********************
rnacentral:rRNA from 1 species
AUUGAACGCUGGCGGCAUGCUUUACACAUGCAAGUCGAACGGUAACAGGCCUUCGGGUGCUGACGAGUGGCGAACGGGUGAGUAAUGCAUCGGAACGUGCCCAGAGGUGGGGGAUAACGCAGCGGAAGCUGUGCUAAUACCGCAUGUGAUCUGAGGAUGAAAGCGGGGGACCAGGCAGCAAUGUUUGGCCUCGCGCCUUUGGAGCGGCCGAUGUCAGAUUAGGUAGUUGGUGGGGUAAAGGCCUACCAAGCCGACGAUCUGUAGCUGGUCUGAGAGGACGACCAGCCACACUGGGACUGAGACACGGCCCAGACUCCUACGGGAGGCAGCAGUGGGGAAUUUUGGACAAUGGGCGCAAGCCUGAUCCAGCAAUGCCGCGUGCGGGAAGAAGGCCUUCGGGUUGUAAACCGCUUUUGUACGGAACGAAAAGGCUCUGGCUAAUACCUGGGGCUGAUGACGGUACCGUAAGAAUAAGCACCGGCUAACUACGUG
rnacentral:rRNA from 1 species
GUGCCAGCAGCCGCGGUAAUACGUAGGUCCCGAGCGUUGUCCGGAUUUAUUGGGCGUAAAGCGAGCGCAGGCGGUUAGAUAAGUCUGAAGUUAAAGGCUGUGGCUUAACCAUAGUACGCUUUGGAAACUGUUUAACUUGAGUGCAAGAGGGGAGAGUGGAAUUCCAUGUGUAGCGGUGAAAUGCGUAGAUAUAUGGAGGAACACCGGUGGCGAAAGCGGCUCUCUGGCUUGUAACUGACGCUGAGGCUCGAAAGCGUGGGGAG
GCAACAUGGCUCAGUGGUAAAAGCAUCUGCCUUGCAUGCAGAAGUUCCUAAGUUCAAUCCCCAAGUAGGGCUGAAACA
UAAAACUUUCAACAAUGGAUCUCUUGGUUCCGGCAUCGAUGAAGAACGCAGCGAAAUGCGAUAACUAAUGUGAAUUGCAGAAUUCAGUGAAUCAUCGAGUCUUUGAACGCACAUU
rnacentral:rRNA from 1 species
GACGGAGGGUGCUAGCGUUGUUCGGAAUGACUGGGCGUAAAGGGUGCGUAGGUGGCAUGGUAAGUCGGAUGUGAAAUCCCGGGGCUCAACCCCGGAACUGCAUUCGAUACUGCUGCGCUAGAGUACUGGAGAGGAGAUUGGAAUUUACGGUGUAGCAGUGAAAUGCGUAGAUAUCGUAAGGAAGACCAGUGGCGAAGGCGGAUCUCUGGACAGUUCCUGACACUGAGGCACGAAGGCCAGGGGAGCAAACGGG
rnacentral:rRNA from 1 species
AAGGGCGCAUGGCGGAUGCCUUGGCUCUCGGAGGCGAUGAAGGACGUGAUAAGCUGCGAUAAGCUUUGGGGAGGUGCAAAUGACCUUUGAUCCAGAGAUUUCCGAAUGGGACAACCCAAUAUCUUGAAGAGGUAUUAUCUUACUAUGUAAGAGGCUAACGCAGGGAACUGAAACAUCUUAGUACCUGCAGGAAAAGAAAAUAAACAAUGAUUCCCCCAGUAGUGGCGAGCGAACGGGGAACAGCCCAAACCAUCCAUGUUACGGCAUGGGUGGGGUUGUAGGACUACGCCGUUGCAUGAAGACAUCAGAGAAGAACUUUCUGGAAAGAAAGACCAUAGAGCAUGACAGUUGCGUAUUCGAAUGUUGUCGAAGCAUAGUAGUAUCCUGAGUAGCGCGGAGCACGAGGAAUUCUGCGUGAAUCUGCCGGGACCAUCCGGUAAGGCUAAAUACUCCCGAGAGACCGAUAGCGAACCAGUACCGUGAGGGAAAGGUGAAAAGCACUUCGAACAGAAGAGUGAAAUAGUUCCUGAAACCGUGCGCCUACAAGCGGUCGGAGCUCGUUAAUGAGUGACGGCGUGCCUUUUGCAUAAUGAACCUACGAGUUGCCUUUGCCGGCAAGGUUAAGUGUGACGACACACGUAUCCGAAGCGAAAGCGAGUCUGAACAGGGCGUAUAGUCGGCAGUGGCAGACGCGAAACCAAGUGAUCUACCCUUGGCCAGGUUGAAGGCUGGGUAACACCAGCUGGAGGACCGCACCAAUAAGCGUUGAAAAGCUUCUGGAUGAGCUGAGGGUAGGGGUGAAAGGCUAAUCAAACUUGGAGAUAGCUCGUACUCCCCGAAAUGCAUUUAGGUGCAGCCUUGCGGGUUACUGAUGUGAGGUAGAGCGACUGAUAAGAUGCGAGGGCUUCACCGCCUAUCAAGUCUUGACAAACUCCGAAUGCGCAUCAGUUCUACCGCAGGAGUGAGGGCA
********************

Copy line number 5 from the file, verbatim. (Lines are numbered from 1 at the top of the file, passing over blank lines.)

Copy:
GCAACAUGGCUCAGUGGUAAAAGCAUCUGCCUUGCAUGCAGAAGUUCCUAAGUUCAAUCCCCAAGUAGGGCUGAAACA